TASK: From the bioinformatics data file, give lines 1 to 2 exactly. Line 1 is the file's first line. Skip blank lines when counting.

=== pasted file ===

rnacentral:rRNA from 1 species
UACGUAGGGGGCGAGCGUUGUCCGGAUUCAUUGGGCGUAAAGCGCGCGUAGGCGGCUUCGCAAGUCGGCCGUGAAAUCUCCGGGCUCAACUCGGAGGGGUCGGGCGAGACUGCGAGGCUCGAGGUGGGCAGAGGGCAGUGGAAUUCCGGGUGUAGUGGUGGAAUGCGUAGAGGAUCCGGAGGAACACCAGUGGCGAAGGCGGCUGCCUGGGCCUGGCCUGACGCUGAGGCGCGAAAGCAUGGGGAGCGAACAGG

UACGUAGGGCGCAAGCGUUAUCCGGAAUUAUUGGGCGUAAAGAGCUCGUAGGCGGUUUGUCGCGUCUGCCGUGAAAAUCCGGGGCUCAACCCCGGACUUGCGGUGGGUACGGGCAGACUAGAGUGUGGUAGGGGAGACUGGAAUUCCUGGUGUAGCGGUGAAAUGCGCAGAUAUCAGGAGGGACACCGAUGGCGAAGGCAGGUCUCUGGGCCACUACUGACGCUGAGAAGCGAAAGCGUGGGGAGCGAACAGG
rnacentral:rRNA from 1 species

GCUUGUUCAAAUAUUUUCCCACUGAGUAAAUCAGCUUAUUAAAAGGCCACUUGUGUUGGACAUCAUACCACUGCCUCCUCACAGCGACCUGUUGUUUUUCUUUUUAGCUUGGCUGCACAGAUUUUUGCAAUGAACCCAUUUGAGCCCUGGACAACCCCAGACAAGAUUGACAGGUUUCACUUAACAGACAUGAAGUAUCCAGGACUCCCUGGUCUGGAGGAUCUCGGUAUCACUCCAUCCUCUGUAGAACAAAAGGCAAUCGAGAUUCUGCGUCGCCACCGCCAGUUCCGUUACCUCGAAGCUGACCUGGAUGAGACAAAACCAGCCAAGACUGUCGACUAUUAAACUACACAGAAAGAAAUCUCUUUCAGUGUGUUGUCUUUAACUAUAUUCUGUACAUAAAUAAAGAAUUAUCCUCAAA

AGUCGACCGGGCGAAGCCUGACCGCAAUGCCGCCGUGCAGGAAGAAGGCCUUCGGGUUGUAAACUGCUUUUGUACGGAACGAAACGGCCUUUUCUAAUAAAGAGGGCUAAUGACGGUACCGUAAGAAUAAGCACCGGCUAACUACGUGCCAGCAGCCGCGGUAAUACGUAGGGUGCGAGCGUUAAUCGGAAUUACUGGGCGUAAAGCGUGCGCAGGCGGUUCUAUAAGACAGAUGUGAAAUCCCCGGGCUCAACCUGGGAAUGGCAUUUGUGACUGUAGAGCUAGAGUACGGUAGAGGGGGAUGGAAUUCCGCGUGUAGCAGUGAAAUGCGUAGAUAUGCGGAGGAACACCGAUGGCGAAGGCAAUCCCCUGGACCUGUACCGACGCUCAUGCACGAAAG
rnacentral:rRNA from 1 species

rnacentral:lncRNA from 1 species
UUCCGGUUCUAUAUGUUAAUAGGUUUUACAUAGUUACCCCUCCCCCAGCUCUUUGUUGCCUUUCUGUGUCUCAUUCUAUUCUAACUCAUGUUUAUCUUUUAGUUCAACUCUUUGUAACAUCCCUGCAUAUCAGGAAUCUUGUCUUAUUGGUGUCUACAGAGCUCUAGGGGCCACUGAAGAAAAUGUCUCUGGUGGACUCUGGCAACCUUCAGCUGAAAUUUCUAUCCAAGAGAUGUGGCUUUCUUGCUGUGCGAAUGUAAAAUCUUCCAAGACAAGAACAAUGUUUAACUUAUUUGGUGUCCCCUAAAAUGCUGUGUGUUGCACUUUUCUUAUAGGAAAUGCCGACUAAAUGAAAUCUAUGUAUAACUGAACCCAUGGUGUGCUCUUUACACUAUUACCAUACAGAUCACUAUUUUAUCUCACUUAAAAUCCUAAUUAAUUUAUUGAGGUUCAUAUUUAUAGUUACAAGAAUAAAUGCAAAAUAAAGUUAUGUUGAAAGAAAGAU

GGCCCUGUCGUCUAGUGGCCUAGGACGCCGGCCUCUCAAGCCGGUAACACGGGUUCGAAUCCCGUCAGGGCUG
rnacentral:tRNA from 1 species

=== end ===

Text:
rnacentral:rRNA from 1 species
UACGUAGGGGGCGAGCGUUGUCCGGAUUCAUUGGGCGUAAAGCGCGCGUAGGCGGCUUCGCAAGUCGGCCGUGAAAUCUCCGGGCUCAACUCGGAGGGGUCGGGCGAGACUGCGAGGCUCGAGGUGGGCAGAGGGCAGUGGAAUUCCGGGUGUAGUGGUGGAAUGCGUAGAGGAUCCGGAGGAACACCAGUGGCGAAGGCGGCUGCCUGGGCCUGGCCUGACGCUGAGGCGCGAAAGCAUGGGGAGCGAACAGG